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Justice to women challenge

Patna, Dec. 31: Chief minister Nitish Kumar’s resolve to implement the “development with justice” agenda extensively in 2013 would require a lot of hard work, courtesy the legacies of 2012.

The biggest challenge would be to win back the confidence of women — his staunch supporters in the last Assembly elections. Be it protest against rape or illicit liquor trade, they have hit streets time and again in 2012.

Improved law and order situation helped Nitish win the confidence of the women folk in his first regime. By giving bicycles to schoolgirls and introducing 50 per cent reservation for women in civic and rural bodies, he bolstered their faith in him.

All these paid rich dividends. Women turned in large numbers in poll booths during the Assembly elections in 2010. Two years on, things are not as hunky dory. Various women organisations took to streets in 2012 to voice their ire over atrocities against women.

From 795 in 2010, the number of rapes in the state went up to 934 in 2011. The indifference of Nitish’s police in some crimes against women stoked the resentment.

A retired IPS officer said: “The response of the police after a rape victim of Sitamarhi approached the superintendent of police for action against her tormentors was cold. She ultimately committed suicide. Though the accused persons surrendered later, justice eluded the dead girl. A girl of Muzaffarpur is missing for two months.”

The officer said: “Just mourning the death of the Delhi gang rape victim would not do. Nitish should sensitise the police on atrocities against women.” Former chief secretary of Bihar V.S. Dubey said: “Unless there is improvement in law and order, all other developments are useless. Every girl walking on the street must feel safe.

“The main problem is that the police do not lodge FIRs. There can be a simple amendment in law to entitle a judicial or executive magistrate to accept a complaint and forward it to the police station,” Dubey said. Nitish has to ensure his police force turned more sympathetic towards crime against women in 2013.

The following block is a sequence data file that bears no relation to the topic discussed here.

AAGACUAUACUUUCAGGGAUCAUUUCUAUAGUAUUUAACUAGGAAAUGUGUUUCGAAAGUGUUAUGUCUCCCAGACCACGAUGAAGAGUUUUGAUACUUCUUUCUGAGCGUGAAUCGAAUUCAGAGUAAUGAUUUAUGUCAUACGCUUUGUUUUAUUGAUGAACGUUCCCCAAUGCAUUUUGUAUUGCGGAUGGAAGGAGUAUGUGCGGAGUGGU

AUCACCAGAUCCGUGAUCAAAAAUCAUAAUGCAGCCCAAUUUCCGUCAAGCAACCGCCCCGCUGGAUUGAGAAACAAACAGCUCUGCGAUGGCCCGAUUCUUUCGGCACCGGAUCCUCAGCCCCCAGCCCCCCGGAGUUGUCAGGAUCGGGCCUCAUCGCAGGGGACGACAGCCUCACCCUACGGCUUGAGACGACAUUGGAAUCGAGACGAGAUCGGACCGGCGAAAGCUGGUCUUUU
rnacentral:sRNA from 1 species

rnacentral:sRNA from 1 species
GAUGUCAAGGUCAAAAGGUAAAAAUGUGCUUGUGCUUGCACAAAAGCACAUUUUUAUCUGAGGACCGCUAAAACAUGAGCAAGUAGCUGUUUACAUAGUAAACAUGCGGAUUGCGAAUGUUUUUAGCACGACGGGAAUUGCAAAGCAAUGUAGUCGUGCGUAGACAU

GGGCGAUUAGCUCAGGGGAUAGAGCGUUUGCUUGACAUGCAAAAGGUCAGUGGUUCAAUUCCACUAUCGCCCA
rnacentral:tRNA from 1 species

Women of Ara, Muzaffarpur, Bhagalpur and Buxar virtually launched a crusade against illegal hooch traders. They were compelled to take to the streets allegedly after the police refused to take action against illicit liquor barons. The indifference of the police triggered back-to-back hooch deaths in Muzaffarpur, Gaya and Ara.

The chief minister would have to play a balancing act on the discontent of contractual teachers, who vociferously staged protest against him in 2012. After initial anger, he agreed to hike their salaries. But the quality of some teachers is pathetic. There is very little sympathy for them among the masses.

A section of educationists feel that he should link hike of salary with the quality of teaching and weed out unworthy teachers. The NDA-II government appears to have given up on the universities of Bihar. Nitish has to re-concentrate on reforms in universities.

He would have to work overtime to overhaul the health service, one of the flaunted areas of the NDA-I government. The stampede in the state capital during Chhath exposed the rot that has set in.

Creating new job avenues would also be a big challenge for Nitish.


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